Bill to boost EV charging infrastructure and insure driverless cars

Motorway services and large petrol retailers will be required to install chargepoints for electric cars, under plans announced in the House of Commons on Wednesday, 18 October by transport minister John Hayes.

It aims to increase the access and availability of chargepoints for electric vehicles (EVs), while giving the Government powers to make it compulsory for chargepoints to be installed across the country.

The bill also paves the way for drivers of automated cars to be insured on UK road.

The Government says that automated vehicles have the potential to greatly reduce road traffic accidents.

In 2016, 85.9% of collisions causing injury involved human error, while official research estimates that the market will be worth £50 billion to the UK economy by 2035.

Hayes said: “We want the UK to be the best place in the world to do business and a leading hub for modern transport technology, which is why we are introducing the Automated and Electric Vehicles Bill in Parliament and investing more than £1.2 billion in the industry.

“This bill will aid the construction of greater infrastructure to support the growing demand for automated and electric vehicles as we embrace this technology and move into the future.”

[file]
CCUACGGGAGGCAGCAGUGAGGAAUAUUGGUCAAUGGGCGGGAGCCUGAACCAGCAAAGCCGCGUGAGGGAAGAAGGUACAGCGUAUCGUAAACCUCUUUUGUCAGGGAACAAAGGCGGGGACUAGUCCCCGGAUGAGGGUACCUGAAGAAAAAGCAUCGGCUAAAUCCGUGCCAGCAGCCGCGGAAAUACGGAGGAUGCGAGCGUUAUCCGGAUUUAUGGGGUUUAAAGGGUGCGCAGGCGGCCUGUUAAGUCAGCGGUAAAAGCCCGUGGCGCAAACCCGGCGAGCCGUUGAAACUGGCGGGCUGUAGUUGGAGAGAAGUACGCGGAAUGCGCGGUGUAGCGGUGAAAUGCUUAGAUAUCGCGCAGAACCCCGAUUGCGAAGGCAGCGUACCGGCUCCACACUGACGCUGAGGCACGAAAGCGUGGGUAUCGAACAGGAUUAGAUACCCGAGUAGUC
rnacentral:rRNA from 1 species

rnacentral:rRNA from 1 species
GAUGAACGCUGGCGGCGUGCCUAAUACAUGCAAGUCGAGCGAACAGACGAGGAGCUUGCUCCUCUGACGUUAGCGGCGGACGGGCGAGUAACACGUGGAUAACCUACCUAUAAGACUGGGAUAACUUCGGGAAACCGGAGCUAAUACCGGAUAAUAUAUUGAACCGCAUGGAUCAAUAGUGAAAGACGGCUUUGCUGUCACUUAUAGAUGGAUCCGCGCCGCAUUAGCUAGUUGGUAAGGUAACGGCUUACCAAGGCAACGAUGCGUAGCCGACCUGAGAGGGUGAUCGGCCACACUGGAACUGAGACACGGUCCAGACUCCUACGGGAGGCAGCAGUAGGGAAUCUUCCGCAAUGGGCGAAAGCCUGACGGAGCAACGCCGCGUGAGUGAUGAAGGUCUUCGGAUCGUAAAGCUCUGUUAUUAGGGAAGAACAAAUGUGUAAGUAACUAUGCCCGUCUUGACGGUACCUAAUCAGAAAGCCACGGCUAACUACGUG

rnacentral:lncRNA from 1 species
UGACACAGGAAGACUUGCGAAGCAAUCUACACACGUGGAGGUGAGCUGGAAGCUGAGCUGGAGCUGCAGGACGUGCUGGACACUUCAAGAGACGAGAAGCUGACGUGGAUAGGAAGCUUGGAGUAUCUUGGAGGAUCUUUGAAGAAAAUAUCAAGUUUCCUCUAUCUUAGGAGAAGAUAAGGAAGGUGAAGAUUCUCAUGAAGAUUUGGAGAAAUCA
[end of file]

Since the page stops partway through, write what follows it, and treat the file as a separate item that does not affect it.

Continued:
Drivers of EVs will be able to easily locate and charge at any chargepoint, using information from sat navs or mobile apps, regardless of the vehicle make or model.

All chargepoints will have to be ‘smart’, meaning they can interact with the grid in order to manage demand for electricity across the country.

Roads minister Jesse Norman said: “Automated and electric vehicles will help improve air quality, cut congestion, boost safety and create thousands of skilled jobs in the UK.

“We have already supported the purchase of 115,000 ultra-low emission cars and there are already more than 11,500 publicly available chargepoints, but the demand continues to grow as more people purchase electric vehicles to cut fuel costs and boost the environment.”

The bill received its second reading in the House of Commons on Monday 23 October.

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